Parents, Teachers, Electeds Blast The Proposed $800M Cuts To Schools, Suggest Trimming Bureaucracy Instead

Parents, Teachers, Electeds Blast The Proposed $800M Cuts To Schools, Suggest Trimming Bureaucracy Instead
Mapleton School /P.S. 48. Liena Zagare/Bklyner

Earlier today, parents, teachers, students, advocates, and elected officials urged the Mayor to cut the bloated middle management and contracts at the Departement of Education (DOE), not on-the-ground services schools desperately need, make sure that all agencies share fairly in the belt-tightening, and called of Governor to raise taxes on New York’s “Ultra – wealthy” instead.

“Our students were short-changed before the pandemic, with large class sizes, too few social workers and guidance counselors, and too few permanent school nurses. Our students will never get back the instructional time they have missed during the pandemic. They will never get back the missed milestones, like graduations, field trips, and proms. They will never get back lost family members, friends, principals, educators, paraprofessionals, counselors, cafeteria workers, and other loved ones. We cannot impose more pain and loss on them by cutting direct services, unless we have turned over every stone to find other areas to cut,” said Council Member Mark Treyger, Chair of the Committee on Education.

Leonie Haimson, Executive Director of Class Size Matters, suggested that Mayor Bill de Blasio could start by “eliminating wasteful contracts of over $700 million for busing we’re not using, professional development that’s not happening, and consultants who are doing who knows what.” She remarked that the proposed DOE budget envisions spending $300 million on the mid-level bureaucracy, almost twice as much as in 2014.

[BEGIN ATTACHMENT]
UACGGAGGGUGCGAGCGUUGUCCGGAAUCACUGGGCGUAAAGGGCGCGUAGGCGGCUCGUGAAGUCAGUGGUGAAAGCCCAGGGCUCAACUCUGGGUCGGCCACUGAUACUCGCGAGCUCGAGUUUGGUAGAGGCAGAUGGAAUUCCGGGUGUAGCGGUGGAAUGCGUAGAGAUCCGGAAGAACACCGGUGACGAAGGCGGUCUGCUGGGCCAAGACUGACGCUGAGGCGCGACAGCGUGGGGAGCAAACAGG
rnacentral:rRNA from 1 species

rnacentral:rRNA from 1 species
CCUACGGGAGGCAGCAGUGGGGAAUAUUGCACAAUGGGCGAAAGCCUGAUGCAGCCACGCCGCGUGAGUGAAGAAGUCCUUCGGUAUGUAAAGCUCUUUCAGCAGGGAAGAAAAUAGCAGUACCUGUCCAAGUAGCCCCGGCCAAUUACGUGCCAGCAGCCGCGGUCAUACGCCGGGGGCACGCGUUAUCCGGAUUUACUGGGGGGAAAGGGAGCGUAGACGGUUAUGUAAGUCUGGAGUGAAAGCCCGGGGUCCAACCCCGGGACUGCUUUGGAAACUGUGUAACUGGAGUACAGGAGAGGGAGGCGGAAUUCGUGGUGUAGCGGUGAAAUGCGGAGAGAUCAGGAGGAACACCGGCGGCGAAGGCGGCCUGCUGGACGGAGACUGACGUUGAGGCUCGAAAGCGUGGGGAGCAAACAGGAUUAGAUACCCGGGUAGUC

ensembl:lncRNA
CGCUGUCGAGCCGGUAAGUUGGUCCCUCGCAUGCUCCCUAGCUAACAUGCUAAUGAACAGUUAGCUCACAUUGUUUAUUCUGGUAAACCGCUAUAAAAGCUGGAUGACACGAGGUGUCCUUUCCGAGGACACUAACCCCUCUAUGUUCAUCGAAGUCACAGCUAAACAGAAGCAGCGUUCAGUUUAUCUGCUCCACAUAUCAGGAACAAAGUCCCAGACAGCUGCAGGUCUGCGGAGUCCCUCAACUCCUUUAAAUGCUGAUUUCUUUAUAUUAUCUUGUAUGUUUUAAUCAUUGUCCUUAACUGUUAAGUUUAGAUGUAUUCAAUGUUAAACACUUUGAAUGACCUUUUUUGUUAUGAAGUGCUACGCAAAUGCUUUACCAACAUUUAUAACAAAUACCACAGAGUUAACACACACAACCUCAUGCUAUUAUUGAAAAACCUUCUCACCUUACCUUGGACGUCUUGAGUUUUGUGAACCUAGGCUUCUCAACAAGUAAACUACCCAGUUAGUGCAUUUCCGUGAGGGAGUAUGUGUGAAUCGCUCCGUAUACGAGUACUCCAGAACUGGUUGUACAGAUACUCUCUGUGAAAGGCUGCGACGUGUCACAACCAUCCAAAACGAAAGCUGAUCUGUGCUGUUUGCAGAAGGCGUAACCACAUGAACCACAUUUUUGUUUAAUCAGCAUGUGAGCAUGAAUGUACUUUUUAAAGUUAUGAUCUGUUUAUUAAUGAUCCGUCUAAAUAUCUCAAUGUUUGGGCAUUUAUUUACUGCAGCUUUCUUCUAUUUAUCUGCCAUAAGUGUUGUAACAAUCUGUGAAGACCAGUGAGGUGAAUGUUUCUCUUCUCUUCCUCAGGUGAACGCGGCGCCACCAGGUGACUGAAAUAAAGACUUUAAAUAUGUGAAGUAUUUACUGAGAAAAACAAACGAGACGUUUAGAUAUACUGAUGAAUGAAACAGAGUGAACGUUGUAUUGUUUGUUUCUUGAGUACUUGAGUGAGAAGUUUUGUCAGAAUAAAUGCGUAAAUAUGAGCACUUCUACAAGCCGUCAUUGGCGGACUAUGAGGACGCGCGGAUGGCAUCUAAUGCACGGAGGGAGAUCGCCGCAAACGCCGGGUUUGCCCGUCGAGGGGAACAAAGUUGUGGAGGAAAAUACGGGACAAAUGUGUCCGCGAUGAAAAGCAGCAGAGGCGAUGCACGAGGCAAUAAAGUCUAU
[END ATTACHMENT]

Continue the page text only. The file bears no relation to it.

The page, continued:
“New York is facing a huge revenue shortfall and there will be hard choices, but cuts should not fall disproportionately on our children’s education,” said Council Member Brad Lander, pointing out that while DOE represents 20% of the City’s budget, it is facing 22% of the cuts, “while the NYPD, which represents 7% of the budget, is only absorbing 1%. If we must freeze hires and not replace retiring teachers, counselors, and social workers, then we should do the same at the NYPD.”

“Our children should come first. The Governor and the Mayor’s proposed cuts to public schools during a moment of profound collective loss and trauma are both unjust and unnecessary, ” remarked Liat Olenick, an elementary school teacher, MORE-UFT member and Indivisible Nation BK co-president. “The Governor should reverse his proposed statewide cuts to public education and instead levy moderate taxes on New York’s ultra-wealthy, and the Mayor should cut extraneous DOE contracts, and freeze funding for the NYPD instead of slashing fair student funding and hiring.”